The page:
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Toxicol Sci. 2005 Feb;83(2):237-45. Epub 2004 Nov 10.

Effects of co-administration of antioxidants and arsenicals on the rat urinary bladder epithelium.

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Department of Pathology and Microbiology and Eppley Institute for Cancer Research, University of Nebraska Medical Center, Omaha, Nebraska 68198-3135, USA.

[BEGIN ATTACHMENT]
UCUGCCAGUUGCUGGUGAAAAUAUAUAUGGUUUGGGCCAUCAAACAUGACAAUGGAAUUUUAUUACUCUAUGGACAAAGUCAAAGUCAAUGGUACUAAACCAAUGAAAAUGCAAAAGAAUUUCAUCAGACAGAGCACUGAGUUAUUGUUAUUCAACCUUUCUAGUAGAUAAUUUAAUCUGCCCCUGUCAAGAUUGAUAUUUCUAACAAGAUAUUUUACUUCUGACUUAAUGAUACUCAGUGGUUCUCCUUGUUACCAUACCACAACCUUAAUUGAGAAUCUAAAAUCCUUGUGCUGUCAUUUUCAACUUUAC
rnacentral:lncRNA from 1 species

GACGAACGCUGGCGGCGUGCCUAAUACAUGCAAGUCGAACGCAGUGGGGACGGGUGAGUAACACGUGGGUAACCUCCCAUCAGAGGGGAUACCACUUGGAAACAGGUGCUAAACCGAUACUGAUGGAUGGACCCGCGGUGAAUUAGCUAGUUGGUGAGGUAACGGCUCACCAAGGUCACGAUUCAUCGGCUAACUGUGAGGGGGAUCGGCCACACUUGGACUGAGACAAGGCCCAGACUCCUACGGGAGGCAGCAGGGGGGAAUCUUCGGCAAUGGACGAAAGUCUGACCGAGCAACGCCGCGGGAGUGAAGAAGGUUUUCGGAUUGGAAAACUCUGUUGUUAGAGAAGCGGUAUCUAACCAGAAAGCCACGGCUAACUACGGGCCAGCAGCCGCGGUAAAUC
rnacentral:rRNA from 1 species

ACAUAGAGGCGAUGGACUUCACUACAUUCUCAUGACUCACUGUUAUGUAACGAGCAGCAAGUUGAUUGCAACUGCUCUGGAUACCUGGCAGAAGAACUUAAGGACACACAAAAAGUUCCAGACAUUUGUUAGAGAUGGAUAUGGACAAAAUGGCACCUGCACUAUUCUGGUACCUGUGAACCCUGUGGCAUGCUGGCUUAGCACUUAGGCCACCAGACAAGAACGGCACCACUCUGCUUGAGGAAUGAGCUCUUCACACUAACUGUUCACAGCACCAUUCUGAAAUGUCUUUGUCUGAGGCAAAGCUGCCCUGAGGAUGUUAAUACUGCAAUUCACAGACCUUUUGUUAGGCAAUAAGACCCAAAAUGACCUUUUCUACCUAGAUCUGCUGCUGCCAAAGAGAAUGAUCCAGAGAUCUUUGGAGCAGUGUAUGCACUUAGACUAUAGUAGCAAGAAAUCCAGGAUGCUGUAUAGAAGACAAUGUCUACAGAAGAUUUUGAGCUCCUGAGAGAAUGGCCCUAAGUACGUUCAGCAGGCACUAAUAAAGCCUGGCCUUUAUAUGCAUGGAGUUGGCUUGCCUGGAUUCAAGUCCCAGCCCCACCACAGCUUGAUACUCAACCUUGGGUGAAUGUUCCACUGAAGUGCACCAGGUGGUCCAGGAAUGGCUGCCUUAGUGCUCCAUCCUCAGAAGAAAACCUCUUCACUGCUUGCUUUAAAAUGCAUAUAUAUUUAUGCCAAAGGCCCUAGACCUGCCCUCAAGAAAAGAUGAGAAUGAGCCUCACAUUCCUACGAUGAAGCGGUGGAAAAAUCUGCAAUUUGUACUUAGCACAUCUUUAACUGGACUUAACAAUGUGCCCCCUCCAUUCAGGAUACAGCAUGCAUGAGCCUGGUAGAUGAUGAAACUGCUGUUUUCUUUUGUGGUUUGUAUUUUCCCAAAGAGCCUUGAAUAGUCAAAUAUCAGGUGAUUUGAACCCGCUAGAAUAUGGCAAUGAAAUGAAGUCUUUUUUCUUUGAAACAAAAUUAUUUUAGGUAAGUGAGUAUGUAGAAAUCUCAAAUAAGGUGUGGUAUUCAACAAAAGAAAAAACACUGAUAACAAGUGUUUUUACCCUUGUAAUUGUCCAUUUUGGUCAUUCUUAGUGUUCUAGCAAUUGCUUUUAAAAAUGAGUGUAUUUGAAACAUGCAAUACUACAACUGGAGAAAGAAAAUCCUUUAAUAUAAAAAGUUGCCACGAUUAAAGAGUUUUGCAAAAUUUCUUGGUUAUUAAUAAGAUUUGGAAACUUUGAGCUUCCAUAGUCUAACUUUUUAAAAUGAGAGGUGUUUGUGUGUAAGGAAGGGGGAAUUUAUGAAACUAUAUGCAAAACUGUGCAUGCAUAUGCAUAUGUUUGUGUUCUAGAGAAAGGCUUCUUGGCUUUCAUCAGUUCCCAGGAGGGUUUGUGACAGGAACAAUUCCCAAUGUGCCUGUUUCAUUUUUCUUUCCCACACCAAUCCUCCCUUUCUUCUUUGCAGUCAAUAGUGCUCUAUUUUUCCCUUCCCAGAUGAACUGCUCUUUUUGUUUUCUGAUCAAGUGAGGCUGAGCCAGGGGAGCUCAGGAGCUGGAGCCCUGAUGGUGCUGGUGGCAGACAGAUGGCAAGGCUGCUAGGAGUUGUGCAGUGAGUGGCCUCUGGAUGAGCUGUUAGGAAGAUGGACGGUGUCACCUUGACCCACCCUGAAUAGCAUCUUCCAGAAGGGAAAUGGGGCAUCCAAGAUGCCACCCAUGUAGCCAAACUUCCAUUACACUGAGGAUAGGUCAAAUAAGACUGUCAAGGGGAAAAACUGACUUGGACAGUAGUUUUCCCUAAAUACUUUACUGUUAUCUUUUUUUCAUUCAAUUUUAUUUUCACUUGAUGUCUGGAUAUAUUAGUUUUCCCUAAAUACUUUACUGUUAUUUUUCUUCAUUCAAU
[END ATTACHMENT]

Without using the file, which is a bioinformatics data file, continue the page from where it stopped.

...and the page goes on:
Oxidative stress has been increasingly recognized as a possible mechanism in the toxicity and carcinogenicity of various chemicals, including arsenic. Therefore, treatment with antioxidants may afford a protective effect against arsenic-induced cytotoxicity and carcinogenesis. Dimethylarsinic acid (DMAV) has been shown to be a bladder carcinogen in rats when administered at high doses (100 ppm) in the diet or in the drinking water. The main purpose of the present study was to evaluate the effects of co-administration of antioxidants with arsenicals on the rat urinary bladder epithelium in vitro and in vivo. In a previous experiment, treatment with 1000 ppm melatonin for two weeks did not inhibit cell proliferation induced in the rat urothelium by 100 ppm DMAV. In the current study, we examined the effects of five antioxidants that act via different mechanisms, on the in vitro cytotoxicity of various arsenicals, for the purpose of determining which antioxidants might have protective effects against arsenic-induced cytotoxicity. The antioxidants that inhibited cytotoxicity in vitro were then studied also in vivo. Melatonin showed slight inhibition of the cytotoxicity of arsenite, but had no effect on the other arsenicals. N-acetylcysteine (NAC) inhibited the cytotoxicity of monomethylarsonous acid (MMAIII), DMAV, dimethylarsinous acid (DMAIII), and trimethylarsine oxide (TMAO). Vitamin C inhibited cytotoxicity induced by arsenate, arsenite, MMAIII) and DMAIII. Tiron and Trolox had no effect on the cytotoxicity of any arsenical. The in vitro inhibitory effects of NAC and vitamin C on DMAV and on DMAIII, suggested that these antioxidants might afford preventive effects on DMAV-induced bladder cytotoxicity and carcinogenesis in rats. To test this hypothesis, a 10-week rat bioassay was conducted. Melatonin was also included to clarify the results of the previous two-week experiment. The sodium salt of vitamin C (Na-Asc), but not melatonin or NAC, inhibited the proliferative effects of DMAV on the bladder epithelium in rats. These results suggest that oxidative stress is at least in part involved in DMAV-induced rat bladder toxicity and proliferation, and therefore, vitamin C may afford inhibitory effects in DMAV-induced bladder carcinogenesis in rats. Microarray analysis of DMAV-responsive genes revealed that DMAV did not have a consistent modifying effect on gene expression in the rat bladder epithelium, suggesting that proteins and/or lipids may be the targets of damage by DMAV-induced oxidative stress.

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